What is a Handbell Ensemble?
Consider a single instrument that takes many people to play. The individual notes in the handbell instrument each require a musician's hand upon it, to place its tone in exact relationship with the other notes in the score, all in the shared context of rhythm, tempo, dynamics, articulation, and the overall musical line. This extremely complex process becomes second nature to the virtuoso handbell musician, who, like a pianist, must be aware of the character of the entire work, while controlling only a few of the tones in the instrument.
This instrument consists of a variable number of cast bronze bells fitted to flexible handles and equipped with clapper mechanisms that move in a single plane, striking the casting at only two places (forward and back). The tone of the bells can be varied by the tuning of the overtones at the time of manufacture, or by changing the density of the clappers at the strikepoints during performance. Similar tuned instruments with clappers can be made from other materials, such as handchimes made from aluminum, which produce different but compatible timbres. The differing sounds of the various makes of bells and chimes give the artistic director a symphonic palette of timbres to use separately and in conjunction to achieve his or her creative vision for the works under direction.
A set of handbells can range from a single octave (12 or 13 bells, depending on the accidentals) up to seven octaves, though most ensembles perform on five octaves, or 61 bells. Skilled handbell musicians can play as many as six bells at one time or in quick succession. Sonos performs on four and a half octaves of Malmarks, an octave of bass Schulmerichs, five octaves of Malmark handchimes, and five octaves of English-made Whitechapel handbells, as well as a variety of other percussion instruments.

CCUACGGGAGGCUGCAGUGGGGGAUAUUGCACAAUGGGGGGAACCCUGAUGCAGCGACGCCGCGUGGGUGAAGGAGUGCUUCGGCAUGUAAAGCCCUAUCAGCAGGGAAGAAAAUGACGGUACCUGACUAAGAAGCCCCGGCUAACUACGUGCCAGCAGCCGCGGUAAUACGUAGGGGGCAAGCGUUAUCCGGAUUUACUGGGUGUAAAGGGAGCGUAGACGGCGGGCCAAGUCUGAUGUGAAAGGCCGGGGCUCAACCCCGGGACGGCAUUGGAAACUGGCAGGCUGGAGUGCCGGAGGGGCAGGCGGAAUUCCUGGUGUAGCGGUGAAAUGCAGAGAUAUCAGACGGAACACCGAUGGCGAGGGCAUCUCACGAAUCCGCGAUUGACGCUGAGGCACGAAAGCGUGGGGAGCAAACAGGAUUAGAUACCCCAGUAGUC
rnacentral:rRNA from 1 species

The fascination in watching a superb handbell ensemble perform lies for many people in the completely intuitive relationship the dozen or so musicians must achieve with each other. A pianist or flutist, for example, has one brain controlling two hands and delivers a musical whole in his or her unique style. Imagine if the flutist joined a flute choir that divided up the grand staff, wherein each flutist was assigned sole responsibility for three or four of the notes, and was instructed to play only these notes where they occurred in the score and no others--and in addition, the flutists must all join their notes seamlessly, so that the result is musically pleasing! When many brains control many hands, the results can be less than pleasing if the ensemble is not trained to work together as one.
Sonosian musicians, having achieved their musical expertise on a variety of other instruments, are attracted to the complexity and dance-like challenge of performing on handbells. This instrument requires great personal discipline, a high level of cooperation, extremely good rhythm, and a willingness to become a component of a musical whole in which the communion of all parts is essential to the success of the ensemble. Audiences around the world are awed by the intimacy of this amazing musical relationship.